I've had Jack since he was 15 years old, he is now 29. He has ALWAYS had front feet that quite resemble a ski slope - long and flared toes. When we still lived with my parents, we went through quite a many farrier. He usually wore shoes during the summer show season, and went barefoot through the winter. He's not been ridden regularly since 2002, not been ridden at all since 2005, and although he always enjoyed going for a ride, just 5 minutes at a walk was all he could handle due to arthritis. Jack has been known to look long right after being trimmed, and was doing okay hoof-wise with the same farrier since 2005, but I've seen great improvement in his hoof shape since I started taking the rasp and doing his trimming last August.

This last time I really worked on backing up the toe, and hope to continue bringing his toes back gradually until he no longer has that "ski slope" look. I am also working on a long-time battle with thrush with him, which I think will improve now that we're able to have the horses on pasture and not in the "dry" (usually muddy all winter) lot. Improving his frog health should probably help his overall hoof shape gradually. I'm currently using a chemical that I bought at the local Tractor Supply Co., green, and I am interested in trying a more "natural" thrush remedy. Any suggestions??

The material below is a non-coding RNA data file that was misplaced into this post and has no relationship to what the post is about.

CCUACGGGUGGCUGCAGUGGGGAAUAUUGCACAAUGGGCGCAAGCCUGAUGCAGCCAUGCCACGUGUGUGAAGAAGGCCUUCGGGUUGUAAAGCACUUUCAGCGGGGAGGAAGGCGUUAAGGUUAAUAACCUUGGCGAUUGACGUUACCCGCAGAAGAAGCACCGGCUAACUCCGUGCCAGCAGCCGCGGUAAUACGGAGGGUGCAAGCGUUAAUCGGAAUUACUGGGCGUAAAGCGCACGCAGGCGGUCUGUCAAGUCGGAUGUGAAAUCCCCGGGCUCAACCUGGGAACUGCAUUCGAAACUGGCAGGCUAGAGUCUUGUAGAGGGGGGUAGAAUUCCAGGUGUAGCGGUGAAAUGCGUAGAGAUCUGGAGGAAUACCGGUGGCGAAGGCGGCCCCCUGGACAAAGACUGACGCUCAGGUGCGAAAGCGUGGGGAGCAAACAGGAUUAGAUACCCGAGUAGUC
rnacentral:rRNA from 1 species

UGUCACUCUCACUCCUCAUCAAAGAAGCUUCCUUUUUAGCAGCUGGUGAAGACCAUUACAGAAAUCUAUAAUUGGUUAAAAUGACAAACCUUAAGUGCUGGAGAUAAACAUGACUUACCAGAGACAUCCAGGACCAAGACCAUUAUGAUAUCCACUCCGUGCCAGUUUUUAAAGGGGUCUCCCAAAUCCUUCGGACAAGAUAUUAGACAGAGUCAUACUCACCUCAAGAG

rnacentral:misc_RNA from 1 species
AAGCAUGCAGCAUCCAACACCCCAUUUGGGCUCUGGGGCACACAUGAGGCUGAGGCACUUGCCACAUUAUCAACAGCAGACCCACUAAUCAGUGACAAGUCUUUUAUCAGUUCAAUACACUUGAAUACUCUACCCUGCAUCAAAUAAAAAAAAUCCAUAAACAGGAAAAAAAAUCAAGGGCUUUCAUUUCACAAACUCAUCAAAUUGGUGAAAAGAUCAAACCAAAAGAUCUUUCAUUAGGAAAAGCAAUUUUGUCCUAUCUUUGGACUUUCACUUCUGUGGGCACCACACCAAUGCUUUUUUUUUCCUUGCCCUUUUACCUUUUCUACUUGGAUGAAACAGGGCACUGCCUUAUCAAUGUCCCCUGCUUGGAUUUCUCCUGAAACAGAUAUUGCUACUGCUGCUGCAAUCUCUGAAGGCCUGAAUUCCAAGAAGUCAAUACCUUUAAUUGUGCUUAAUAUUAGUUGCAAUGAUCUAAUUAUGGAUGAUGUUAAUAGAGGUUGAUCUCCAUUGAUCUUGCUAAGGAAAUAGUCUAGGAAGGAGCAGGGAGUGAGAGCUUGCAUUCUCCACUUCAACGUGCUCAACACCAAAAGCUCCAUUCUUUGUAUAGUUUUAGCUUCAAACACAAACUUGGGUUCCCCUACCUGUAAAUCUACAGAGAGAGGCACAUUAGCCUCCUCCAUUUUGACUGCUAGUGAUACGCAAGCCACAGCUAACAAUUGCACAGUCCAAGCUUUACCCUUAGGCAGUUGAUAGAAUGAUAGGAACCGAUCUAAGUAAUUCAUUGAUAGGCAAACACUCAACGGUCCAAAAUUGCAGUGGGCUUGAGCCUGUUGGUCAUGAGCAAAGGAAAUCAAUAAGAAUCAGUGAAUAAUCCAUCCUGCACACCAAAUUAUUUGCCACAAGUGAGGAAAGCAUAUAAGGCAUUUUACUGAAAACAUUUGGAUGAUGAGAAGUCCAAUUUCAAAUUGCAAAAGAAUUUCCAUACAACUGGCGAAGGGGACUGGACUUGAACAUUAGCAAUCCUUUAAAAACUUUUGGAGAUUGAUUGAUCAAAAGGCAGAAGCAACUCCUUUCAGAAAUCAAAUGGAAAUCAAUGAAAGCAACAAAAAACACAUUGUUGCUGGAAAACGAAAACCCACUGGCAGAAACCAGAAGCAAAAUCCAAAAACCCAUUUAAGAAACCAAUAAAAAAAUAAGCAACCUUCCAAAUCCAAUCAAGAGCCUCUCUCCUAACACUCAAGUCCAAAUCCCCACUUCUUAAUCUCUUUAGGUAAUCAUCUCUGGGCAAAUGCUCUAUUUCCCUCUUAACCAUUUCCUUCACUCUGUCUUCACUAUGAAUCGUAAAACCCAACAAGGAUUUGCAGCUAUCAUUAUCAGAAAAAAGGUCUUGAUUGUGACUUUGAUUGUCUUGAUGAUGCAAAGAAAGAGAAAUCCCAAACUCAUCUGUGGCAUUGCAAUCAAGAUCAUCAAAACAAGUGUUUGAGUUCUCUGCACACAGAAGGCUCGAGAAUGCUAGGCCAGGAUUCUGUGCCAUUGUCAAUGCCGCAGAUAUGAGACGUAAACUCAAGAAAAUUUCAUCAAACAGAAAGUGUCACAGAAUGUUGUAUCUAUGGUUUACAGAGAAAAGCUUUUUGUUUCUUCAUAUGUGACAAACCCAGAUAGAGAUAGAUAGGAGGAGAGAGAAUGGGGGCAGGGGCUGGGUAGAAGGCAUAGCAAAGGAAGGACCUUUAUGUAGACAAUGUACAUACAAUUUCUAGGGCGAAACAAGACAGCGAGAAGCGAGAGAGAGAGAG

I only have "after" photos of Arabee. I did her fronts on Saturday morning, and her rear feet Saturday afternoon. All pictures were taken on Sunday afternoon, after I hosed off her muddy feet, which is why her legs are wet looking.
This is her front feet taken from her left side:
I need to try to wait a week between trimming Jack and Arabee, since their feet are so different. I feel like I got way too carried away with the left front hoof at the toe, almost like I was still in the mindset of trimming Jack the Ski Slope. I felt awful after the trim with the LF, since I actually rasped so much wall away at the toe that she's almost totally walking on her sole for the front 1/4 to 1/3 of her hoof. But the longer I look at the pictures, the more I start to think that the LF is the more correct trim, perhaps not quite enough of a roll on the RF hoof. Maybe I didn't rasp quite enough on the RF because of over-doing it on the LF. She is sound, I longed her a bit right after the trim and I could not see any "off" movement. Any input on this??

The bottom of her right hind hoof: